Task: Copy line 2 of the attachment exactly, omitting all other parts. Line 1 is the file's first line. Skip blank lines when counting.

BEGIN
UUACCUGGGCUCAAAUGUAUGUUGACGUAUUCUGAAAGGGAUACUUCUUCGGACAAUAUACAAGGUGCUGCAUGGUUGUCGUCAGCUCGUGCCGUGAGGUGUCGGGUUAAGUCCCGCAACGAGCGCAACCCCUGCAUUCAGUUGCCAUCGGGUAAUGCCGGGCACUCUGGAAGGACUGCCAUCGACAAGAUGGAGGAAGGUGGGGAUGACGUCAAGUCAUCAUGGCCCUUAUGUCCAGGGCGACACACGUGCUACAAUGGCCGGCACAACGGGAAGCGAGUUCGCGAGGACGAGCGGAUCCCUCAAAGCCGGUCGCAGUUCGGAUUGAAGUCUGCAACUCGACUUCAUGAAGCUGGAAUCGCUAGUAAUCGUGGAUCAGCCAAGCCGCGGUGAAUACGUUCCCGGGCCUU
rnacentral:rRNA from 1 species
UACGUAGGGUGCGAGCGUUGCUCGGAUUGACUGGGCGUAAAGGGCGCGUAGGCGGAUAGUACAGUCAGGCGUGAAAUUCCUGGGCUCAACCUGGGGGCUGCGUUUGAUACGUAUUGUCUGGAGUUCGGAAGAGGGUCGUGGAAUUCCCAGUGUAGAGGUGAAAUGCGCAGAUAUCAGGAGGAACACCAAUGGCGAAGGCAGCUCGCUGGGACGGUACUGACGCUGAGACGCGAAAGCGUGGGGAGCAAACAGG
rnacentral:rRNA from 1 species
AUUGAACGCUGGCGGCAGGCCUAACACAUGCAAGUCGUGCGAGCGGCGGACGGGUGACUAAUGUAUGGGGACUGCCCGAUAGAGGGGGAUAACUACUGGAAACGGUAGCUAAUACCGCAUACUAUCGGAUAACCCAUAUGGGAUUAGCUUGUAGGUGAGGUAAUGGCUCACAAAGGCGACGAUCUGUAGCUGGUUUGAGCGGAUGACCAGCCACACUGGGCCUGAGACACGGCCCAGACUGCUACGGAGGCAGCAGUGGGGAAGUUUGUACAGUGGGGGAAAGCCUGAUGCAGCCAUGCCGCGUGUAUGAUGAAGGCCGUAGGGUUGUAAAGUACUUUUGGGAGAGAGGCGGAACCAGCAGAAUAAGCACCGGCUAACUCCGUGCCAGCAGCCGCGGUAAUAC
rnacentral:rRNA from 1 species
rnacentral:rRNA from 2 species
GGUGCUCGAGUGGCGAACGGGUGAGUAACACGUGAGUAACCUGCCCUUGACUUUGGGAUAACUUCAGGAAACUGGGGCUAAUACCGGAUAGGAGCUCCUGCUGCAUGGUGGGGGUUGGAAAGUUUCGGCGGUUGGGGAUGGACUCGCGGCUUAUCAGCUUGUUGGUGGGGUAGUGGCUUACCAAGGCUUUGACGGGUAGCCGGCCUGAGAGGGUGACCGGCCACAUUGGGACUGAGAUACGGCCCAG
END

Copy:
rnacentral:rRNA from 1 species